Jeremy Lin, a point guard with the New York Knicks, has been in the news, both because he has been playing very well lately (helping the Knicks win seven games in a row), and because he is an Asian-American playing in a sport dominated by African-Americans. Thanks to his fine playing, people are taking notice of him, and with that extra attention some commentators have engaged in stereotyping resulting in racial jokes and slurs about Lin's Asian heritage.
"Stereotypes are not innocent or easily ignorable," according to Dr. Claude Steele, dean of education at Stanford University and former provost of Columbia University. "They create pressures on people to see others in those stereotypes and degrade the quality of life for people who are stereotyped."
Just as racial stereotypes degrade the quality of life for people of various ethnicities, so stereotypes make life more difficult for people with disabilities. A few examples:
At an upcoming TEDx event being hosted near my home town, Chris Klein, who lives with a form of cerebral palsy that prevents him from walking or speaking, will be one of the featured presenters. He uses his toe to type his speeches into a computer that has a voice synthesizer. I know Chris personally. He has a wonderful sense of humor, and good insight into human nature and Scripture. He has preached at before at the church where my family and I are members. Talking about stereotypes, Chris said, "When you have a disability, people don't usually see past the disability to the person that you are. When your communication is effected, people just assume that you are not all there, so they don't give you the time."
I talked one time with a college professor who said with regret that his department did not hire one of their own graduates to teach a course that she was qualified to teach. He told me that they just could not imagine how she could have taught the class considering that her disability prevents her from speaking. He commented that her abilities in her discipline were excellent. I wondered why they assumed that a professor has to speak in order to teach. My wife completed a Masters degree in special education online. She did not speak with any of her professors for the courses she took; all courses were conducted online, an environment in which this young woman could have interacted with students.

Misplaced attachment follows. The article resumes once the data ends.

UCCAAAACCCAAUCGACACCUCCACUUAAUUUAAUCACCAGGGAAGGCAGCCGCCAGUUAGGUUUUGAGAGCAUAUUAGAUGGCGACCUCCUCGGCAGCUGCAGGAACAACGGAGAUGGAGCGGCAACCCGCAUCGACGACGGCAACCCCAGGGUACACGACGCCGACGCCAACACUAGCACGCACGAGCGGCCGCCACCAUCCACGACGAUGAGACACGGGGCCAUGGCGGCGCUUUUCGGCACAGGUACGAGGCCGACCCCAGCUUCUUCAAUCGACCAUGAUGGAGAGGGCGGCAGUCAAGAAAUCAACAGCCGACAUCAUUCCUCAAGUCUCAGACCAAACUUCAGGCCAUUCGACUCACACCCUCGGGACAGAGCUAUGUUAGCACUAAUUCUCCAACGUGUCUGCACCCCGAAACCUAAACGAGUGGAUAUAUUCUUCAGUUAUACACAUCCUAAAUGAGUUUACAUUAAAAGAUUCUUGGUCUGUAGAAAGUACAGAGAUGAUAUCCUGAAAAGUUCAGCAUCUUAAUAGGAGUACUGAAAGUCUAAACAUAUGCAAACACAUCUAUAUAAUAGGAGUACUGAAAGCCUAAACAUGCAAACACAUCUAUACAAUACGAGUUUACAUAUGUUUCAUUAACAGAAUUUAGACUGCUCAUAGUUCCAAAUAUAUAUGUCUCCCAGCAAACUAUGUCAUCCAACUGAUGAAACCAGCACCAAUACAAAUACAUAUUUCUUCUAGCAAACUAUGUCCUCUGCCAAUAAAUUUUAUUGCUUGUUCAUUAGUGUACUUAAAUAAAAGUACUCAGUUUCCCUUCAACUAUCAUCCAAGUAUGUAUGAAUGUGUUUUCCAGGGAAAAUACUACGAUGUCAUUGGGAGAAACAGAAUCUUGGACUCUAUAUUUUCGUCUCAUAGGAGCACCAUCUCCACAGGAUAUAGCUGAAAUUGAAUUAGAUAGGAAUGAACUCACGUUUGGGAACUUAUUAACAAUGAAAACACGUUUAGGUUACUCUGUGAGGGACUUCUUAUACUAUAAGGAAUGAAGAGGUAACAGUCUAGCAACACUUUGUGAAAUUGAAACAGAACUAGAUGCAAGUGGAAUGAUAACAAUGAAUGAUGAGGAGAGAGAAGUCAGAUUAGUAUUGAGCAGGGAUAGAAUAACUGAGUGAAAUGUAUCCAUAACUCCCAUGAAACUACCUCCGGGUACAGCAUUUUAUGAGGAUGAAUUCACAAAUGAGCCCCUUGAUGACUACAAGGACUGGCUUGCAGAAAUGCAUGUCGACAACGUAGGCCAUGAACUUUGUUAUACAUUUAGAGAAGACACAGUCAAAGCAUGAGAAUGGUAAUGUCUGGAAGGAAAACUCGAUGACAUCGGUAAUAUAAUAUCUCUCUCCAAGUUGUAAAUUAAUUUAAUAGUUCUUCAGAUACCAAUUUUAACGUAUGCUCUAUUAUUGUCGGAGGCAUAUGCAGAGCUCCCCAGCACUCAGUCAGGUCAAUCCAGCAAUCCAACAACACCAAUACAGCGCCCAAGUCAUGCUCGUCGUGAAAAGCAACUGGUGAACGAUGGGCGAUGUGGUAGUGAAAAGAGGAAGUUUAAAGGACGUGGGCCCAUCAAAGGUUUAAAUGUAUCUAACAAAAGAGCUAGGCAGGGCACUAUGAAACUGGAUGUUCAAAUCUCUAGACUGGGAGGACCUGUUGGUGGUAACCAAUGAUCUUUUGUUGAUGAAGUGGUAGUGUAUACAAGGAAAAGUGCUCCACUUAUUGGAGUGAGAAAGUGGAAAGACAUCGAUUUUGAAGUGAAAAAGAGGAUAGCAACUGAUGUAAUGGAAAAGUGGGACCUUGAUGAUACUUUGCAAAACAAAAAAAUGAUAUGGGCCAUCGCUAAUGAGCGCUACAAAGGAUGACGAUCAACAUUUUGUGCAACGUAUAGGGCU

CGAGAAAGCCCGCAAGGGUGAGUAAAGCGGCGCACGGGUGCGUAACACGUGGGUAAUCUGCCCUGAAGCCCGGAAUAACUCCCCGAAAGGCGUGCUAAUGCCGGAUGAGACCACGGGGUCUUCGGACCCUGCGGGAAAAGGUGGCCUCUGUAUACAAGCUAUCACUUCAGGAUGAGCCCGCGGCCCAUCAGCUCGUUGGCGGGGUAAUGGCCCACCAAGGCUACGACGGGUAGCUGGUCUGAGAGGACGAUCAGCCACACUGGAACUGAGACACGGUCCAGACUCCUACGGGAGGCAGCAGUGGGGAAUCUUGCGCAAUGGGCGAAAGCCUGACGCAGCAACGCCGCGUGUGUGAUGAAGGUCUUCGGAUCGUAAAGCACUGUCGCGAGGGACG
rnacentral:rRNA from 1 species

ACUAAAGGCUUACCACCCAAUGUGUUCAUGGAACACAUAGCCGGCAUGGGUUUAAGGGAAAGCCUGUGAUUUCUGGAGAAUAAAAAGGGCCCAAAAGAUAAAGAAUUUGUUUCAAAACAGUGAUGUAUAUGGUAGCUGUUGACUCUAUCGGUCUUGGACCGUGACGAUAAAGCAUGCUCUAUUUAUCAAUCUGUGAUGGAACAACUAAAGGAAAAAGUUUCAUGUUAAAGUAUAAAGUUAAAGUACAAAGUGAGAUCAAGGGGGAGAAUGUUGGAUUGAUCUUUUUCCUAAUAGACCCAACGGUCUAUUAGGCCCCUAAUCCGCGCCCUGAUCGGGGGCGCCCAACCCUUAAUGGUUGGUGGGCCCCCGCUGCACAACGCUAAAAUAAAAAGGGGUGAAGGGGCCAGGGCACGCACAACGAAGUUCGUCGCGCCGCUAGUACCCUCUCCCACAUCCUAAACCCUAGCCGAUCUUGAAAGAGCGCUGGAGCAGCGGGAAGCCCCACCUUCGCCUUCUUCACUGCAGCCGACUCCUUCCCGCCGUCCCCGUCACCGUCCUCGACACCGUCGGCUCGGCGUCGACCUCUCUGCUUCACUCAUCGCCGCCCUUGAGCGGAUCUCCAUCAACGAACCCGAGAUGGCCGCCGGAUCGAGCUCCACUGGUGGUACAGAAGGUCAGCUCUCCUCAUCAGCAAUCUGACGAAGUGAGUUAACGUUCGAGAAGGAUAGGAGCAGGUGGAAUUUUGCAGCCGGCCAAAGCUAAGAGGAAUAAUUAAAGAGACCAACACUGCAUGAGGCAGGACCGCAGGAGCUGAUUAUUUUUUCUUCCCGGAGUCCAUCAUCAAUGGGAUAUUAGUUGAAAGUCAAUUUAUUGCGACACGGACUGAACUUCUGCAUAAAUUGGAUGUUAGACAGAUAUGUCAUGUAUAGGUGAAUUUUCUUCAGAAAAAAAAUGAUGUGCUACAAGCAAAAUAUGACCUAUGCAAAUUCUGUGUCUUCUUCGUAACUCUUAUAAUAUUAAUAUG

As one more example, in a previous blog, I wrote, "People with disabilities experience inequalities – for example, when they are denied equal access to health care, employment, education, or political participation because of their disability." An anonymous blogger responded, "I read the first one and thought, 'Well, they are, uh, disabled. Somebody with no arms is going to have a hard time getting a job as a stock-boy or a typist.'" This blogger's stereotype is that people with disabilities must function as "stock-boys" or "typists." A person with no arms might well be able to function as a doctor, a consultant, or the CEO of a corporation.
Stereotypes infect the church too. We make assumptions about people based on external factors, and prejudge what people can and cannot do. When we encourage people to discover their gifts and exercise their responsibilities as church members, we can't decide for God how he plans to use an individual in the life of the congregation. We need to encourage each person to exercise his or her God-given gifts so that body of Christ will be built up.